When we learn the ‘what’ of MI, we also start wondering about the ‘when’.

When should we move from building the “why” of change to exploring the “how”? When might we shift the attention from possibilities to planning? When do we offer information or suggestions?

We can put a lot of pressure on ourselves to be the perfect host in the change conversation, knowing just the right time to clear the plates, serve the next course, offer tea. “Change talk, anyone?”

The nice thing about conversations is that we’re never alone. We’re not just there to help the client, the client can also help us.

Noticing cues

One of the first things I learnt from MI was that “yes, but…” was a sign I was probably moving too fast or becoming too directive. I was giving them something to ‘but’ against.

Equally, if the conversation started feeling stuck or bogged down, it was often a sign that I needed to try offering a little more structure or focus in the conversation.

In so many ways, clients give us verbal and nonverbal feedback on how we are going and what might be helpful for them.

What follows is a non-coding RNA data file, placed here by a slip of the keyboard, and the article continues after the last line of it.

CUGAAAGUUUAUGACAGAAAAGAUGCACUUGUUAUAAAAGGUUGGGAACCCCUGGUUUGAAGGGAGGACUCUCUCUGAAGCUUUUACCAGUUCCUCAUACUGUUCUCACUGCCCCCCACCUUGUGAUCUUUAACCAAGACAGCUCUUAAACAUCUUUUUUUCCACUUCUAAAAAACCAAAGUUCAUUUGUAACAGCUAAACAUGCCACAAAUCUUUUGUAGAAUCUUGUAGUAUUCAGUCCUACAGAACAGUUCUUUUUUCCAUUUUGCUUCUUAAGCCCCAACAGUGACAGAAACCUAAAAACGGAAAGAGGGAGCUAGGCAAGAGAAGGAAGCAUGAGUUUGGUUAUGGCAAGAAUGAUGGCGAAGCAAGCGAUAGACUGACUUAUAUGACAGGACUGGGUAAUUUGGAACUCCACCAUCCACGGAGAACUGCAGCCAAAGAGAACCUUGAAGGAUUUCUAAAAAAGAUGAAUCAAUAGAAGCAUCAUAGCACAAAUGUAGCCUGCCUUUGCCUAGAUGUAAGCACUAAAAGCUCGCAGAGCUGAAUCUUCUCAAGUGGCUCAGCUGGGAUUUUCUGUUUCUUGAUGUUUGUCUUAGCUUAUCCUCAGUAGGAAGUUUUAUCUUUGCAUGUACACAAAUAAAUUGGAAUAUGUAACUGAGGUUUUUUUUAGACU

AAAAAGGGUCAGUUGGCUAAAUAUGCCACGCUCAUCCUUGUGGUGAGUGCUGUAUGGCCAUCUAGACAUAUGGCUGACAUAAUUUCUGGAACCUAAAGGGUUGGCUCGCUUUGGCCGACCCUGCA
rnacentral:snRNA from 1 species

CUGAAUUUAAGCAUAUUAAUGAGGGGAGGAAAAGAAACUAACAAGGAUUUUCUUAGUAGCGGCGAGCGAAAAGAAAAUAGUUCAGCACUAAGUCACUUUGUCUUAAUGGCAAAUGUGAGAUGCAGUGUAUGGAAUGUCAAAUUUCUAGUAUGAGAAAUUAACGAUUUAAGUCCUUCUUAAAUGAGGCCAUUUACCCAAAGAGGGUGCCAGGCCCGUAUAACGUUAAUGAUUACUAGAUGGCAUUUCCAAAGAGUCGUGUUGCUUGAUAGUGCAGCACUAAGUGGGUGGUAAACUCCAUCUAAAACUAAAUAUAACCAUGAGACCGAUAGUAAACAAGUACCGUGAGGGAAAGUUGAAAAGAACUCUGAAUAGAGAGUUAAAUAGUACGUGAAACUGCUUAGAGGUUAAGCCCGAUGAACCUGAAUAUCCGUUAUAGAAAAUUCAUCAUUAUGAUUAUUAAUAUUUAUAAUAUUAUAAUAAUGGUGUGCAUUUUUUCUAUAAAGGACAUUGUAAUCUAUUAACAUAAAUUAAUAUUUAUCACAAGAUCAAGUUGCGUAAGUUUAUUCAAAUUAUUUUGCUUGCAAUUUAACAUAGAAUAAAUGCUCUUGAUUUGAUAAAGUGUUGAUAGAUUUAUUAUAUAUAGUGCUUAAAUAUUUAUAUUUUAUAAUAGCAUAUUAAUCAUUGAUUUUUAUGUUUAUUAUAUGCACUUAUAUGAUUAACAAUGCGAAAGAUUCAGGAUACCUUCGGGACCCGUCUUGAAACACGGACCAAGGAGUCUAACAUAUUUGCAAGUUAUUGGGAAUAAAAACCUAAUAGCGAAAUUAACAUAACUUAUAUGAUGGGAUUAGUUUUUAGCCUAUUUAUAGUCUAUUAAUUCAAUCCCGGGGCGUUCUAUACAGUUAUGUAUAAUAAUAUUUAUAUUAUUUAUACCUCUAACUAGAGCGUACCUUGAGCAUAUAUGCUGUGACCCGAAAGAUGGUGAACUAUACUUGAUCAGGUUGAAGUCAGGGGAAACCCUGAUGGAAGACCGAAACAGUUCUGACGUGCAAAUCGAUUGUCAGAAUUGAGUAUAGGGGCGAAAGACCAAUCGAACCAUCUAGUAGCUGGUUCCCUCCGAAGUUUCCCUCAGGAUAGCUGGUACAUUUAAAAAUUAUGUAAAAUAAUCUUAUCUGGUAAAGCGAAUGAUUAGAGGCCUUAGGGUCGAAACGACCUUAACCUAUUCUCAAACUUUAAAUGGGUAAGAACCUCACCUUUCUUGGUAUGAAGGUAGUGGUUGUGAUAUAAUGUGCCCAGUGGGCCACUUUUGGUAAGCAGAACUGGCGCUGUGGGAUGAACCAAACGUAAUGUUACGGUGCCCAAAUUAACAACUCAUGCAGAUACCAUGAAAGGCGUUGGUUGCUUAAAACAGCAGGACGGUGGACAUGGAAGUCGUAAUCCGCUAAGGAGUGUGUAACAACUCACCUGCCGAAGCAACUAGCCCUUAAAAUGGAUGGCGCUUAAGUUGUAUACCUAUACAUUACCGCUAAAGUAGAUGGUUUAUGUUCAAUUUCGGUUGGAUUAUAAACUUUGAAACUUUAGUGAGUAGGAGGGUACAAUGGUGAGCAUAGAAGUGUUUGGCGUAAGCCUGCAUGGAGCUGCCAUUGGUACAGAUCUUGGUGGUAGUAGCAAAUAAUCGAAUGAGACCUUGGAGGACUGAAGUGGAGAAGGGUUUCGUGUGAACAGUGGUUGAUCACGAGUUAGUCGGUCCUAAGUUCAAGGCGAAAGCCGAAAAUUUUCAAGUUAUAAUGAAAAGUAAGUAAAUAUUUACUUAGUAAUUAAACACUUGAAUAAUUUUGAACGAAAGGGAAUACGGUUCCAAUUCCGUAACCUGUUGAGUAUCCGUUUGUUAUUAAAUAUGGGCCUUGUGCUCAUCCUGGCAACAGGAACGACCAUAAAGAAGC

Asking for guidance

When in doubt, we can also just ask. A useful skill is to offer a summary of what we have been talking about, then check in with where the client is ready to go next. We can also tailor our question to where we are in the four processes. For example, we could ask:

•    Where are you at with this now? (Engage)
•    So, what might be helpful for us to talk about in the rest of the time we have together today? (Focus)
•    What do you feel ready for us to work on? (Evoke)
•    What might be a next step for you? (Plan)

If the client isn’t sure, we haven’t wasted our time. Just asking communicates respect and demonstrates that we value their perspective and priorities.

And even if the answer is an outright “I don’t know”, we have learned something about where the client is at. We can go back to exploring their ambivalence. We can be curious about what the experience of uncertainty is like for them. We can explore whether this is the right time to talk about this or shift to another area of concern that feels more certain or more of a priority.

“When in doubt, ask”is a useful rule of thumb. The challenge is remembering to do it when we are already busy asking ourselves so many questions.

“What you seek is seeking you.” Rumi